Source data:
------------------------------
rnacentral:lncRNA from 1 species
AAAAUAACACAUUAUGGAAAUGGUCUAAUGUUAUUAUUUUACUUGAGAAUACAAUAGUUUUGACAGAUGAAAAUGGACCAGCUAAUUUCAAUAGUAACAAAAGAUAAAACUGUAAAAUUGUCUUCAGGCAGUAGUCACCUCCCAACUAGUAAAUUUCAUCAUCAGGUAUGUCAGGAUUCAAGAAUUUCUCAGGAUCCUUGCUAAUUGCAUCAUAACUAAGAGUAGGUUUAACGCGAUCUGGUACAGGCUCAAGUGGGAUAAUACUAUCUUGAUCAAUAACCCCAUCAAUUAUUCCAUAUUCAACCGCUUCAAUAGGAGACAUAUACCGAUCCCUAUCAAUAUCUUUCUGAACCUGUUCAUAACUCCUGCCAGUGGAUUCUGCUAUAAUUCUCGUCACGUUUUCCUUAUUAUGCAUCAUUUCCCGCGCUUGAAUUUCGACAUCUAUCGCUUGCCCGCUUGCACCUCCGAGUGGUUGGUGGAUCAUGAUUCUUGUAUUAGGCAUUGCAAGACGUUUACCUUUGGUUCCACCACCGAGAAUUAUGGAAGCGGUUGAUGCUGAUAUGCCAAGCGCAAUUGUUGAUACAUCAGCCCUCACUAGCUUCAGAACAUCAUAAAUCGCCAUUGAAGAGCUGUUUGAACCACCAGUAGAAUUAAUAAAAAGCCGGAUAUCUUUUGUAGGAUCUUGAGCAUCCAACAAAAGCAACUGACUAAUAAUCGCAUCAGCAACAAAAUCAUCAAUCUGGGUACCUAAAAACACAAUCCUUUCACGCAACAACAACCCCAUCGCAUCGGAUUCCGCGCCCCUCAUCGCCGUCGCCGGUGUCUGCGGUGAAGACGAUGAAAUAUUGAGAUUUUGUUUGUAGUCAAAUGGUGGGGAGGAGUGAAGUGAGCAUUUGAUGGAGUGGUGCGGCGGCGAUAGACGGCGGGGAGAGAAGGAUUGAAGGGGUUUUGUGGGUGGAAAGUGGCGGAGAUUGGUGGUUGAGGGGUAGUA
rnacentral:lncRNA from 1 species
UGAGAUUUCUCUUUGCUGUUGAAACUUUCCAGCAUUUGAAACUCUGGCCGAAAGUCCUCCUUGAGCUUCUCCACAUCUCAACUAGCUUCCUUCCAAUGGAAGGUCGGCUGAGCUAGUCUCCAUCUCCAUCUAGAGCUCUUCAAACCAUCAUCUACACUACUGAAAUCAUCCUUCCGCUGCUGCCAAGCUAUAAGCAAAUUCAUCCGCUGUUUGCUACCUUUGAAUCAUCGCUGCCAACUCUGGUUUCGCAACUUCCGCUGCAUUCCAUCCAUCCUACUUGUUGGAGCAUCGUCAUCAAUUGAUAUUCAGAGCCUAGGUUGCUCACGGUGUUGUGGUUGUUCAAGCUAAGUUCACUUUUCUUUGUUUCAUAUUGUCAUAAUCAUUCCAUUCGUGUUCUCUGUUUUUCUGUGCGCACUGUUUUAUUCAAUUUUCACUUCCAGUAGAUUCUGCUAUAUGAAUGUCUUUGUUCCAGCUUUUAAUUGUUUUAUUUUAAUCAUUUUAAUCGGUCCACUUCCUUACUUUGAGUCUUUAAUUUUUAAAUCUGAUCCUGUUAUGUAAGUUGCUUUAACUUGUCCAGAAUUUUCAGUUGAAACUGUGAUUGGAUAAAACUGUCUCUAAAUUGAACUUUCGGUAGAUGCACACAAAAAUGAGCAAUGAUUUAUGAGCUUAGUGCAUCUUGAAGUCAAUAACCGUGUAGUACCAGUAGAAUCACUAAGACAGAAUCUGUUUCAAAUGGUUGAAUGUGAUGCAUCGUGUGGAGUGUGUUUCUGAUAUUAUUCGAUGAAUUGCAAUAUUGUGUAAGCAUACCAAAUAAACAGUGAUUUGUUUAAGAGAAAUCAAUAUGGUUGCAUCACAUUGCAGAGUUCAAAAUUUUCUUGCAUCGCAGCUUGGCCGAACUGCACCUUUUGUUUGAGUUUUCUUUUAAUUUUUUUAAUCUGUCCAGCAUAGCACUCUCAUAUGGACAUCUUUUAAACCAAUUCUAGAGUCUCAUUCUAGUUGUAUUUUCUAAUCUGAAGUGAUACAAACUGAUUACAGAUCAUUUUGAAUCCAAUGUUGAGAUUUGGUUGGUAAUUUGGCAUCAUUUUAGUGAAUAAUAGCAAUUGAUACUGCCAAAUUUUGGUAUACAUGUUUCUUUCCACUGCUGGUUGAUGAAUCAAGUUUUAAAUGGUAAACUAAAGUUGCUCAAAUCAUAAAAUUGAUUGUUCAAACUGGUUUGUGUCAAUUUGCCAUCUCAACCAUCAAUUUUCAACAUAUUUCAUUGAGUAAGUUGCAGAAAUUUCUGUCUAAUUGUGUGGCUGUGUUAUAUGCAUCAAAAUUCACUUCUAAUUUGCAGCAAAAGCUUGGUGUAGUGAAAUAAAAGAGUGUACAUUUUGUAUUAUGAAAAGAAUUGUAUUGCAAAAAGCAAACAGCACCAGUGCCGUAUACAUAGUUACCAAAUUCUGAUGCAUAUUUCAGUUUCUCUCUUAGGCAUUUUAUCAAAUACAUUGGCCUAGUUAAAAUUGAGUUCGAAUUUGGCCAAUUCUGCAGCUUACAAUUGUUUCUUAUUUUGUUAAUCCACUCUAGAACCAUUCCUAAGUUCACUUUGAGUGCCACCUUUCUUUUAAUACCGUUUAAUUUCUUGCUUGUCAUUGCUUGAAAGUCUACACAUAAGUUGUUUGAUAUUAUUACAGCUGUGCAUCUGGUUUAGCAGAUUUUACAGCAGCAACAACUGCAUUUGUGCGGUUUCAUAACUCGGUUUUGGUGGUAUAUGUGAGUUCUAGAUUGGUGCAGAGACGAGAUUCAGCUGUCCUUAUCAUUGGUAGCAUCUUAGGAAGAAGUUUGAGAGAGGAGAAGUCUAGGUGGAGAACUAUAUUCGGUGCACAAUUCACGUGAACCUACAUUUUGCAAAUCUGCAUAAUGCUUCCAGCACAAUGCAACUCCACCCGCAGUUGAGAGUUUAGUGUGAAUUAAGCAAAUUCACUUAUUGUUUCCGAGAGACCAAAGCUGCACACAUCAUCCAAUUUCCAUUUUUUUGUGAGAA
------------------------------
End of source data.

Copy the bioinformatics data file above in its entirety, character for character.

rnacentral:lncRNA from 1 species
AAAAUAACACAUUAUGGAAAUGGUCUAAUGUUAUUAUUUUACUUGAGAAUACAAUAGUUUUGACAGAUGAAAAUGGACCAGCUAAUUUCAAUAGUAACAAAAGAUAAAACUGUAAAAUUGUCUUCAGGCAGUAGUCACCUCCCAACUAGUAAAUUUCAUCAUCAGGUAUGUCAGGAUUCAAGAAUUUCUCAGGAUCCUUGCUAAUUGCAUCAUAACUAAGAGUAGGUUUAACGCGAUCUGGUACAGGCUCAAGUGGGAUAAUACUAUCUUGAUCAAUAACCCCAUCAAUUAUUCCAUAUUCAACCGCUUCAAUAGGAGACAUAUACCGAUCCCUAUCAAUAUCUUUCUGAACCUGUUCAUAACUCCUGCCAGUGGAUUCUGCUAUAAUUCUCGUCACGUUUUCCUUAUUAUGCAUCAUUUCCCGCGCUUGAAUUUCGACAUCUAUCGCUUGCCCGCUUGCACCUCCGAGUGGUUGGUGGAUCAUGAUUCUUGUAUUAGGCAUUGCAAGACGUUUACCUUUGGUUCCACCACCGAGAAUUAUGGAAGCGGUUGAUGCUGAUAUGCCAAGCGCAAUUGUUGAUACAUCAGCCCUCACUAGCUUCAGAACAUCAUAAAUCGCCAUUGAAGAGCUGUUUGAACCACCAGUAGAAUUAAUAAAAAGCCGGAUAUCUUUUGUAGGAUCUUGAGCAUCCAACAAAAGCAACUGACUAAUAAUCGCAUCAGCAACAAAAUCAUCAAUCUGGGUACCUAAAAACACAAUCCUUUCACGCAACAACAACCCCAUCGCAUCGGAUUCCGCGCCCCUCAUCGCCGUCGCCGGUGUCUGCGGUGAAGACGAUGAAAUAUUGAGAUUUUGUUUGUAGUCAAAUGGUGGGGAGGAGUGAAGUGAGCAUUUGAUGGAGUGGUGCGGCGGCGAUAGACGGCGGGGAGAGAAGGAUUGAAGGGGUUUUGUGGGUGGAAAGUGGCGGAGAUUGGUGGUUGAGGGGUAGUA
rnacentral:lncRNA from 1 species
UGAGAUUUCUCUUUGCUGUUGAAACUUUCCAGCAUUUGAAACUCUGGCCGAAAGUCCUCCUUGAGCUUCUCCACAUCUCAACUAGCUUCCUUCCAAUGGAAGGUCGGCUGAGCUAGUCUCCAUCUCCAUCUAGAGCUCUUCAAACCAUCAUCUACACUACUGAAAUCAUCCUUCCGCUGCUGCCAAGCUAUAAGCAAAUUCAUCCGCUGUUUGCUACCUUUGAAUCAUCGCUGCCAACUCUGGUUUCGCAACUUCCGCUGCAUUCCAUCCAUCCUACUUGUUGGAGCAUCGUCAUCAAUUGAUAUUCAGAGCCUAGGUUGCUCACGGUGUUGUGGUUGUUCAAGCUAAGUUCACUUUUCUUUGUUUCAUAUUGUCAUAAUCAUUCCAUUCGUGUUCUCUGUUUUUCUGUGCGCACUGUUUUAUUCAAUUUUCACUUCCAGUAGAUUCUGCUAUAUGAAUGUCUUUGUUCCAGCUUUUAAUUGUUUUAUUUUAAUCAUUUUAAUCGGUCCACUUCCUUACUUUGAGUCUUUAAUUUUUAAAUCUGAUCCUGUUAUGUAAGUUGCUUUAACUUGUCCAGAAUUUUCAGUUGAAACUGUGAUUGGAUAAAACUGUCUCUAAAUUGAACUUUCGGUAGAUGCACACAAAAAUGAGCAAUGAUUUAUGAGCUUAGUGCAUCUUGAAGUCAAUAACCGUGUAGUACCAGUAGAAUCACUAAGACAGAAUCUGUUUCAAAUGGUUGAAUGUGAUGCAUCGUGUGGAGUGUGUUUCUGAUAUUAUUCGAUGAAUUGCAAUAUUGUGUAAGCAUACCAAAUAAACAGUGAUUUGUUUAAGAGAAAUCAAUAUGGUUGCAUCACAUUGCAGAGUUCAAAAUUUUCUUGCAUCGCAGCUUGGCCGAACUGCACCUUUUGUUUGAGUUUUCUUUUAAUUUUUUUAAUCUGUCCAGCAUAGCACUCUCAUAUGGACAUCUUUUAAACCAAUUCUAGAGUCUCAUUCUAGUUGUAUUUUCUAAUCUGAAGUGAUACAAACUGAUUACAGAUCAUUUUGAAUCCAAUGUUGAGAUUUGGUUGGUAAUUUGGCAUCAUUUUAGUGAAUAAUAGCAAUUGAUACUGCCAAAUUUUGGUAUACAUGUUUCUUUCCACUGCUGGUUGAUGAAUCAAGUUUUAAAUGGUAAACUAAAGUUGCUCAAAUCAUAAAAUUGAUUGUUCAAACUGGUUUGUGUCAAUUUGCCAUCUCAACCAUCAAUUUUCAACAUAUUUCAUUGAGUAAGUUGCAGAAAUUUCUGUCUAAUUGUGUGGCUGUGUUAUAUGCAUCAAAAUUCACUUCUAAUUUGCAGCAAAAGCUUGGUGUAGUGAAAUAAAAGAGUGUACAUUUUGUAUUAUGAAAAGAAUUGUAUUGCAAAAAGCAAACAGCACCAGUGCCGUAUACAUAGUUACCAAAUUCUGAUGCAUAUUUCAGUUUCUCUCUUAGGCAUUUUAUCAAAUACAUUGGCCUAGUUAAAAUUGAGUUCGAAUUUGGCCAAUUCUGCAGCUUACAAUUGUUUCUUAUUUUGUUAAUCCACUCUAGAACCAUUCCUAAGUUCACUUUGAGUGCCACCUUUCUUUUAAUACCGUUUAAUUUCUUGCUUGUCAUUGCUUGAAAGUCUACACAUAAGUUGUUUGAUAUUAUUACAGCUGUGCAUCUGGUUUAGCAGAUUUUACAGCAGCAACAACUGCAUUUGUGCGGUUUCAUAACUCGGUUUUGGUGGUAUAUGUGAGUUCUAGAUUGGUGCAGAGACGAGAUUCAGCUGUCCUUAUCAUUGGUAGCAUCUUAGGAAGAAGUUUGAGAGAGGAGAAGUCUAGGUGGAGAACUAUAUUCGGUGCACAAUUCACGUGAACCUACAUUUUGCAAAUCUGCAUAAUGCUUCCAGCACAAUGCAACUCCACCCGCAGUUGAGAGUUUAGUGUGAAUUAAGCAAAUUCACUUAUUGUUUCCGAGAGACCAAAGCUGCACACAUCAUCCAAUUUCCAUUUUUUUGUGAGAA